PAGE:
Dr. Kenyon Michael Railey, MD currently serves as Assistant Professor in the Department of Family Medicine and Community Health in the Duke School of Medicine as well as Medical Director of the Duke Physician Assistant Program.
He graduated from the University of Missouri-Columbia in 2001. He received his MD degree from Saint Louis University School of Medicine in 2005 with a Special Distinction in Community Service. Dr. Railey completed residency training in Family Medicine at the University of North Carolina-Chapel Hill in 2008. He began practicing at Duke Primary Care in 2008 and joined the Duke Department of Family Medicine and community Health in 2013.
Dr. Railey served as Assistant Chief Diversity Officer in the Duke School of Medicine Office of Diversity & Inclusion from 2013 until 2020 and is the inaugural Director of Diversity & Inclusion for the Department of Family Medicine and Community Health. In addition, he is the founding Course Director of the Cultural Determinants of Health and Health Disparities (CDHD) course in the Duke School of Medicine. This course began in 2017 and is notably the first required longitudinal curriculum in the School of Medicine for MD and DPT students focused on health disparities and the sociocultural influences on health and well-being. This course expanded to the second year of the MD program in the 2019-2020 academic year.
Dr. Railey has lectured locally and nationally and has written book chapters and journal articles on bias, healthcare disparities and communicating with diverse patient populations. Dr. Railey received the Duke Office for Institutional Equity Spring Equity, Diversity, and Inclusion Award in 2014 and the Henry Lee Treadwell Award for Recognition of Excellence in Teaching from the Duke Physician Assistant Program in August of 2015. In 2017, 2018, and 2019 Dr. Railey was nominated to receive the Duke Ahead Interprofessional Excellence Award. He completed the Duke Teaching for Equity Fellowship in 2017, a yearlong curriculum for educators engaged in issues of race and identity. He received the Department of Neurology Chairman Award for Diversity in August of 2018. In 2020, he was nominated to receive the Duke Ahead Master Clinician/Teacher award and alter that year, he was asked by the Dean of the School of Medicine to serve as Co-Chair of the Anti-Racism Task Force focused on Health Professions Education.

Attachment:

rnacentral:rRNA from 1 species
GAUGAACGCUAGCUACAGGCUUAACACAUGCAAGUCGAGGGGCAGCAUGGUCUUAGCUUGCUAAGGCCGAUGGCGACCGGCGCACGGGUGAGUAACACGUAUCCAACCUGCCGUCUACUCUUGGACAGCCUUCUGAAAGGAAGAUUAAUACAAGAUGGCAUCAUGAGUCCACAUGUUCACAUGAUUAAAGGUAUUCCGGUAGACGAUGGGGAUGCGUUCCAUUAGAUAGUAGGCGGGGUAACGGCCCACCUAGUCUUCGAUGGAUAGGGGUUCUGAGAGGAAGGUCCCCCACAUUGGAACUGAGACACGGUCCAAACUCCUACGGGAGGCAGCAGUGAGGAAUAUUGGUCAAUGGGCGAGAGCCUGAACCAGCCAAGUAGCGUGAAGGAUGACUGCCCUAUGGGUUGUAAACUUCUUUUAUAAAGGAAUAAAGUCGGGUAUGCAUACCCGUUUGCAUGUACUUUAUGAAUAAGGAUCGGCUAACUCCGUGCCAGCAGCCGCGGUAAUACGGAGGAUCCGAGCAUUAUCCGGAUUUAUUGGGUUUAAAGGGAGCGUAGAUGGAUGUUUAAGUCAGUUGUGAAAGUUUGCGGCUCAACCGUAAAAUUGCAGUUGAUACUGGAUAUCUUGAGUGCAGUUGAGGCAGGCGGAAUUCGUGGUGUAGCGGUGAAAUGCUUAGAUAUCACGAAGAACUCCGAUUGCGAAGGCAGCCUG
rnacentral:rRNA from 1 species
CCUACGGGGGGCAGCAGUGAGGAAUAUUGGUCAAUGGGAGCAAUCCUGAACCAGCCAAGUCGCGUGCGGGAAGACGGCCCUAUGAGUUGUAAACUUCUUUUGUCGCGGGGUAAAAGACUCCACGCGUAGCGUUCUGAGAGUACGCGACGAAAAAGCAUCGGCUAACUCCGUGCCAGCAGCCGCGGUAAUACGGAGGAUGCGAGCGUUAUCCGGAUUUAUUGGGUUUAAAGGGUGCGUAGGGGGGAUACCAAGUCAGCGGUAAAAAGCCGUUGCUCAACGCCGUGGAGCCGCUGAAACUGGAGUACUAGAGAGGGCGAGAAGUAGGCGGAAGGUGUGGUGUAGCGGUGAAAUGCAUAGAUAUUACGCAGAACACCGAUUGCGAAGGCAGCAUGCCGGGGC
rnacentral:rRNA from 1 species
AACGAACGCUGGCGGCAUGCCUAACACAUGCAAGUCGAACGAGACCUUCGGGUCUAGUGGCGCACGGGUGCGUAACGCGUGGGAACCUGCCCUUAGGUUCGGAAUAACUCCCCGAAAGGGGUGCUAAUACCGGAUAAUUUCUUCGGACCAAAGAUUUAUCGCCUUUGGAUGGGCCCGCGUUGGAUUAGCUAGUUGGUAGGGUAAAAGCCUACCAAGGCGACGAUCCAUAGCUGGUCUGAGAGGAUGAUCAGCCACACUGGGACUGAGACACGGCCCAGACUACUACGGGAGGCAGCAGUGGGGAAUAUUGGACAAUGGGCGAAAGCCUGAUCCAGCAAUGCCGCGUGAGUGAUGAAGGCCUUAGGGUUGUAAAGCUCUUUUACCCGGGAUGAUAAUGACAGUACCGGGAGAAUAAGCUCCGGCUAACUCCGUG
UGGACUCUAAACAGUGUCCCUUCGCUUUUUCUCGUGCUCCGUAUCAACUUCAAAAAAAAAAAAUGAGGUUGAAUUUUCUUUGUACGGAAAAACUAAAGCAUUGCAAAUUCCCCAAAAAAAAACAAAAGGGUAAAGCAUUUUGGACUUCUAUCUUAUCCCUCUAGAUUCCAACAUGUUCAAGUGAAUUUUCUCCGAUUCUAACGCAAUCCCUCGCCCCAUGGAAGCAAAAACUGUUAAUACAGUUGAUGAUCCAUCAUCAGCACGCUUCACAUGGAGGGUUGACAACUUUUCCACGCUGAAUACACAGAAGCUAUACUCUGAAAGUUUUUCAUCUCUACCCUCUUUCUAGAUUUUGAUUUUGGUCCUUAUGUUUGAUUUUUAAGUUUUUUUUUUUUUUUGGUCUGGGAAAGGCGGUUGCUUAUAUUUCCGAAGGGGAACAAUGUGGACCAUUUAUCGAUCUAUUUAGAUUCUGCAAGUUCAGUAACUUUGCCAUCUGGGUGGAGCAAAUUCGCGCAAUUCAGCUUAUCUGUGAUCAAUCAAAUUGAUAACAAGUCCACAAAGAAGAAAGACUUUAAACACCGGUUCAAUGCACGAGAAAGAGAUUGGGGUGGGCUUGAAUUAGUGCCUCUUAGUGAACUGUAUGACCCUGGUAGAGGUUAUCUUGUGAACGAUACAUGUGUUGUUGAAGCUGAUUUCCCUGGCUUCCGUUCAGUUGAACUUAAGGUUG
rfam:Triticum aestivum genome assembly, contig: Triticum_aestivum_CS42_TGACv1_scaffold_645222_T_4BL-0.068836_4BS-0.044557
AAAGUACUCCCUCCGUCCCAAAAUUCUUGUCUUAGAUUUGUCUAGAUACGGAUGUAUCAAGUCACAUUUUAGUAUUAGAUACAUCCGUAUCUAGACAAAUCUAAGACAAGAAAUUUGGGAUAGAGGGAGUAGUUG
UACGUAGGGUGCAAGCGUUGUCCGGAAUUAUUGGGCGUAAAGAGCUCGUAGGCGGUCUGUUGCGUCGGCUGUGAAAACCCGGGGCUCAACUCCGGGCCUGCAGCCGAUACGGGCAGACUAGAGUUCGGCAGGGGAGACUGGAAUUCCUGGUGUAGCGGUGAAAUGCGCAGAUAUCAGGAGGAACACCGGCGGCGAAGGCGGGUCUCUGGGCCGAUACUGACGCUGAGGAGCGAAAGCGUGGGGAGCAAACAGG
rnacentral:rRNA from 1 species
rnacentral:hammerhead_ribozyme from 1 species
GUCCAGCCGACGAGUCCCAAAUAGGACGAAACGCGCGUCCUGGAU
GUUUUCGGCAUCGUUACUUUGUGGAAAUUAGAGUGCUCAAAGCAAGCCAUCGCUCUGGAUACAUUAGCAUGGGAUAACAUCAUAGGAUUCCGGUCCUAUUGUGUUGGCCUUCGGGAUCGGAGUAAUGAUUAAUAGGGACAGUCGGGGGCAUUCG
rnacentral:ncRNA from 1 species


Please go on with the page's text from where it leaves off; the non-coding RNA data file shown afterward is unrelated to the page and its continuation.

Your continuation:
His interests include minority health, graduate medical education, interprofessional collaboration initiatives, anti-racism, and cultural humility instruction/program development.